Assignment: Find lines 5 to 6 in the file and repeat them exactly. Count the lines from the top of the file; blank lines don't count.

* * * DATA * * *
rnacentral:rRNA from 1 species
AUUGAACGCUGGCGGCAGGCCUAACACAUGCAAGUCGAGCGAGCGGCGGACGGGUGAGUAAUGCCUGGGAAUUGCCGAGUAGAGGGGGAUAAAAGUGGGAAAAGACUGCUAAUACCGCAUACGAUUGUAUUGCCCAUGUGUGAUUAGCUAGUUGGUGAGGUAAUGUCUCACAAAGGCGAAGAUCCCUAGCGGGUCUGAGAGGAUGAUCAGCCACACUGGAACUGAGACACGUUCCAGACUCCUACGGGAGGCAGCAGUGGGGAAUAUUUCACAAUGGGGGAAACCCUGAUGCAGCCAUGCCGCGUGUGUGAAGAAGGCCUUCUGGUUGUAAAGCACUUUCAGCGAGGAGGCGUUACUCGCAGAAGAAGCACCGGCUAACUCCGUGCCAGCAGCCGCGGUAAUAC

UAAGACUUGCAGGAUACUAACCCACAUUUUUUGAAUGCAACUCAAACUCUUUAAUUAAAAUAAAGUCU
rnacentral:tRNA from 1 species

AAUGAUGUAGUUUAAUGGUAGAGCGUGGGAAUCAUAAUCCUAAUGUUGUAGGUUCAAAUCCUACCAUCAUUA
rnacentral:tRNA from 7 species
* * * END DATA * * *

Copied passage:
AAUGAUGUAGUUUAAUGGUAGAGCGUGGGAAUCAUAAUCCUAAUGUUGUAGGUUCAAAUCCUACCAUCAUUA
rnacentral:tRNA from 7 species